Interviewed by Automotive Engineering European Editor Stuart Birch, Anke Kleinschmit, Vice President Group Research and Sustainability and Chief Environmental Officer, Daimler AG, addressed issues facing today’s designers and engineers, such as society’s rapidly changing expectations of automotive functionality and the many facets of ever-more stringent global legislation.
AE : Is reducing vehicle mass continuing to be a matter of combining materials, particularly high-strength steel and aluminum, or is the focus now on other areas to achieve lightweighting? Does carbon fiber remain too exotic and too costly for high-volume applications in the near- to mid-future?
Kleinschmit : Our lightweight construction strategy at Mercedes-Benz is derived from the dictum, ‘The right material in the right place.’ Depending on its operation purpose, each material has its own strengths in terms of weight, strength, stiffness and crash performance. The key success factor for our engineers is to define an intelligent material mix out of high-strength steels, light alloys, plastics and further materials.
When it comes to lightweighting technologies in body, chassis and drive, we pursue the clear goal to reduce the weight of all our new models in comparison to their predecessors.
For example, when it comes to the production of engines, we use the in-house developed Nanoslide process. Within this process, the cylinder surfaces in aluminum crankcases are provided with an extremely thin and low-friction coating, which not only helps to reduce weight, but also leads to a fuel (efficiency) advantage of several g CO2/km due to significantly reduced friction.
Talking about carbon fiber, we do have a quite extensive experience using it as a lightweight material; we use CRP materials in Mercedes-Benz cars, especially within the area of our high-performance cars from Mercedes AMG, to improve the performance and of course save weight. Since carbon fiber is still a very cost-intensive material, the main focus is on hybrid (body) shells with an intelligent mix of all steel grades and advanced aluminum alloys in mass production.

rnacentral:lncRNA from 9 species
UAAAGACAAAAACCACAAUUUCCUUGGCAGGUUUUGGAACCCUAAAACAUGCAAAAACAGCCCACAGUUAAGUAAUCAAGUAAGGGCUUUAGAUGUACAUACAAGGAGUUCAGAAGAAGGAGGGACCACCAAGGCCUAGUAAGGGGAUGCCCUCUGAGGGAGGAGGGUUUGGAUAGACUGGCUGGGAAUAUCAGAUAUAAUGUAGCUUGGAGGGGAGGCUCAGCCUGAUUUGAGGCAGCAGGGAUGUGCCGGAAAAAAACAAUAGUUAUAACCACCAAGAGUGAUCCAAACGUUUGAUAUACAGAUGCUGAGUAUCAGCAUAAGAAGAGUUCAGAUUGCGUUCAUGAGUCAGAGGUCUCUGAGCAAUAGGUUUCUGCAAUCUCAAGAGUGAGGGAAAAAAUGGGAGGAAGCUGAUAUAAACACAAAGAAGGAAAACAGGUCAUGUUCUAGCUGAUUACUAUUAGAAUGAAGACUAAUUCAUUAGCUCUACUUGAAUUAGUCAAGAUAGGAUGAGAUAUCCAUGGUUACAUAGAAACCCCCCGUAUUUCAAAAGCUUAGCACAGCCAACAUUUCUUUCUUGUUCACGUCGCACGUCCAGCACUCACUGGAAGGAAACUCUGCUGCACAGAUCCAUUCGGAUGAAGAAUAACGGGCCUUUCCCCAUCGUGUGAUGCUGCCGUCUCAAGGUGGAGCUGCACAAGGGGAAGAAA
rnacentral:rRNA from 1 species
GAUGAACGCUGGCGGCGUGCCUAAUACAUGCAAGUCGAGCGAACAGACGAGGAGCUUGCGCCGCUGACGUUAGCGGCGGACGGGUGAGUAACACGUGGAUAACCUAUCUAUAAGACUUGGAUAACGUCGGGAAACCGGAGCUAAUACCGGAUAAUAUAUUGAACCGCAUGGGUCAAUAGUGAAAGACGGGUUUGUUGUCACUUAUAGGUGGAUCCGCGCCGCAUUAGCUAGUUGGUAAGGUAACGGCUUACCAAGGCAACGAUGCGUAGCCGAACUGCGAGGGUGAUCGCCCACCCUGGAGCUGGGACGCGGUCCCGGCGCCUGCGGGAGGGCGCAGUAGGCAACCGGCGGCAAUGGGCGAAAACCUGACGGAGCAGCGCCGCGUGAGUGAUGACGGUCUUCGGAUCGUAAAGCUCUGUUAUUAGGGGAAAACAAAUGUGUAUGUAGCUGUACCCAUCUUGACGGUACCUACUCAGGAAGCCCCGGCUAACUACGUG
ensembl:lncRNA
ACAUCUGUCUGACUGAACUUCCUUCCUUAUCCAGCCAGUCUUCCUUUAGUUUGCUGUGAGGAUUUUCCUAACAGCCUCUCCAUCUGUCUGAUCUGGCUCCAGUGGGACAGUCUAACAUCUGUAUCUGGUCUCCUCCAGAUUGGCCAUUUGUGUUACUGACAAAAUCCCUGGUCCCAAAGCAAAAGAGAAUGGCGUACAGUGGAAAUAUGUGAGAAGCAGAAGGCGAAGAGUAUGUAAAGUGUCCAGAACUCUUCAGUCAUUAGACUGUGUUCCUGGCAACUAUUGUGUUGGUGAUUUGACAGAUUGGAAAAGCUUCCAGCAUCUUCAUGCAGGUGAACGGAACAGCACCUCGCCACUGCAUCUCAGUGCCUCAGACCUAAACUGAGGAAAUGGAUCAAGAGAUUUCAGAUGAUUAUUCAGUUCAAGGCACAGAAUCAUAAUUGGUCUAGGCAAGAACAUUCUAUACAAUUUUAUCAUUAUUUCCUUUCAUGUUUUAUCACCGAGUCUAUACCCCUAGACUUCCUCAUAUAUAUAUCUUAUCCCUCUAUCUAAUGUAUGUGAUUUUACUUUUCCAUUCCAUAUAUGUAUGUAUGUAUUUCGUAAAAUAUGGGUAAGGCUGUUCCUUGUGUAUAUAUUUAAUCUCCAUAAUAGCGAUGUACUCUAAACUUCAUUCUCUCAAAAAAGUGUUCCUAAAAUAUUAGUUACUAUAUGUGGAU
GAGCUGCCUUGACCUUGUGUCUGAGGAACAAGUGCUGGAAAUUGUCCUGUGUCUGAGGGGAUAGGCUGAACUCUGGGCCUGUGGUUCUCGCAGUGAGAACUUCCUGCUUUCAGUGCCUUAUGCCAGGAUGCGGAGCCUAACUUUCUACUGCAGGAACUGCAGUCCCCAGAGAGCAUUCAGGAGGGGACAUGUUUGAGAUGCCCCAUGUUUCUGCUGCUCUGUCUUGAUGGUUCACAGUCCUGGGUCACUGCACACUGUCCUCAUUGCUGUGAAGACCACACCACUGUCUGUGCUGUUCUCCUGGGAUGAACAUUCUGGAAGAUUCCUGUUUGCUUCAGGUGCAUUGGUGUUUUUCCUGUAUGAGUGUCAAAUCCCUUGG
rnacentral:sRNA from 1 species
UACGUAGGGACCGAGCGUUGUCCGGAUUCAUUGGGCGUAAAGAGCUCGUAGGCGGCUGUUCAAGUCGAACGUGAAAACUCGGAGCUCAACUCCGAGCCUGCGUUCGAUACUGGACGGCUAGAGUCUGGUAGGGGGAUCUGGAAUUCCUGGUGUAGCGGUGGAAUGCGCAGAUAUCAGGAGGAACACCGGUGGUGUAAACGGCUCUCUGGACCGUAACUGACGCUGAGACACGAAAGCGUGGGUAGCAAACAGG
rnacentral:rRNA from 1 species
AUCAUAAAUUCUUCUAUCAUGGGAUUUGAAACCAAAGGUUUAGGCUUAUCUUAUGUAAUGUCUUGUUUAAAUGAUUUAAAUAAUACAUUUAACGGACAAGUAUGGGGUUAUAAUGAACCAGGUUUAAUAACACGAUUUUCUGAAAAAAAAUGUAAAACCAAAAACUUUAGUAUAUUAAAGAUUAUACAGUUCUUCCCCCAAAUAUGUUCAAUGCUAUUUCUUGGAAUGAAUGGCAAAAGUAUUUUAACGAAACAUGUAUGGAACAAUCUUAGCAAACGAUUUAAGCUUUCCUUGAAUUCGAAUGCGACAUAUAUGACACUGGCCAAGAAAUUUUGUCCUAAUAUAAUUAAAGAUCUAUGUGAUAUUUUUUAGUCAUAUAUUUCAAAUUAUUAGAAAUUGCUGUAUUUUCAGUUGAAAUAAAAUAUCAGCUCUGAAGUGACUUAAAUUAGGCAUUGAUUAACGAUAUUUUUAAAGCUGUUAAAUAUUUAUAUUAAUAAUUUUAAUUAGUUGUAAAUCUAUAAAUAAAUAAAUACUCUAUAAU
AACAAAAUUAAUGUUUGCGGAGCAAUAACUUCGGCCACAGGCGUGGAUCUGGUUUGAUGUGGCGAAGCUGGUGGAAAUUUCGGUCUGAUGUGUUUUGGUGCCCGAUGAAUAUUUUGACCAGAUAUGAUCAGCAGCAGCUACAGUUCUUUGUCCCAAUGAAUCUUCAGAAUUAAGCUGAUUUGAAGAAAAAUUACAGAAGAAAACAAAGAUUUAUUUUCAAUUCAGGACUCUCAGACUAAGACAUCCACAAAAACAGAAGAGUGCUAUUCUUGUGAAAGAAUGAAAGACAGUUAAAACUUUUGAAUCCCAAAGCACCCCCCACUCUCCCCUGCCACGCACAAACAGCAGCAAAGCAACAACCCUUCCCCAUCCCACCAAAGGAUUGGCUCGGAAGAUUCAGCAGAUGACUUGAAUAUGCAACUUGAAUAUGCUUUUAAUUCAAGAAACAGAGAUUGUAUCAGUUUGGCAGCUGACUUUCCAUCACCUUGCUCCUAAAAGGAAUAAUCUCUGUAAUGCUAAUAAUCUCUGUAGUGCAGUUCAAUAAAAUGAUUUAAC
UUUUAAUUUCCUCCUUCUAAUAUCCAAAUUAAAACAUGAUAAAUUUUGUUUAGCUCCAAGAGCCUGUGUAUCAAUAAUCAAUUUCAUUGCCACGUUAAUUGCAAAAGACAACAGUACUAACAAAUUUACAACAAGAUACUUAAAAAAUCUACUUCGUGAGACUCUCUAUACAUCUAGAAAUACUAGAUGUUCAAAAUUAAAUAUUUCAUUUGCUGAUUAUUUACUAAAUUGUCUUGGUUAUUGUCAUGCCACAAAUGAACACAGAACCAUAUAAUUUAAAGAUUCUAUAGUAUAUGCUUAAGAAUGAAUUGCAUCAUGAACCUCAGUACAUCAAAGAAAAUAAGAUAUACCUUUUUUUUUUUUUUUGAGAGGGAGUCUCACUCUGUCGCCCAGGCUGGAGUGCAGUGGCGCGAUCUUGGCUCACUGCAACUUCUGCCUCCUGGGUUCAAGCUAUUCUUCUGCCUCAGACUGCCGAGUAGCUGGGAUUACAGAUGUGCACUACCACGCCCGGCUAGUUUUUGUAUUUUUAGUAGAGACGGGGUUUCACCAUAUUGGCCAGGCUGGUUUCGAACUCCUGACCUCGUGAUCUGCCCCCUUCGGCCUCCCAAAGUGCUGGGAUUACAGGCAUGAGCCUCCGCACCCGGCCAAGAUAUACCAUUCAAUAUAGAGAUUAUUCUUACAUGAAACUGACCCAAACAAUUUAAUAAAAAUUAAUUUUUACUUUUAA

AE : Electric-vehicle technology is improving but are you confident of its ability to deliver (batteries, motors) what is required both for Mercedes-Benz and the auto industry in general, in terms of cost, longevity, quality, and buyer acceptance? When (if ever) would you expect pure EV cars to achieve unit costs lower than that of conventionally-powered models? What is the likely future for fuel cell solutions?
Kleinschmit : We are absolutely convinced that in the long run, the electrification of the drivetrain is one major element of the ‘future of mobility.’
We believe that different technologies will apply to different requirements—and therefore pursue a flexible strategy on our path to zero-local-emissions driving:
First: we’re further maximizing the potential of high-tech combustion engines. Second, we’re increasing hybridization to further reduce consumption. Third, we’re working on zero-local-emissions driving with batteries and/or fuel cells.
Regarding quality, longevity and not least safety, we set the same high standards for all our products, independent of the type of drivetrain.
As for pure electric vehicles, it will be some time until our streets will be dominated by them, but with a growing product (range), the proportion is continuously improving.
It is natural that new technologies are more cost-intensive at the time of their introduction. But we already feel a great commitment to the electrified cars in our portfolio, from plug-in hybrids up to our B-Class ED (Electric Drive) and the upcoming new generation of the smart ED – the first time as a 2- and a 4-seater. And there is more to come. Before the end of the decade, we’re bringing a large electric vehicle to lay the foundation for our future electric strategy with a range of up to 500 km (311 mi). That’s why we are investing 500 million euros in a second battery factory on our battery production site in Kamenz. It is clear that battery technology increasingly allows higher ranges at decreasing costs.
But even if the battery technology is making great progress, the fuel cell will continue to have at least one clear advantage: generous range and short refueling times. In addition, the fuel-cell technology can be applied to larger vehicles such as sedans or even city buses. We are convinced that pushing e-mobility—whether with battery or fuel cell—is a perfect investment in the future of all of us.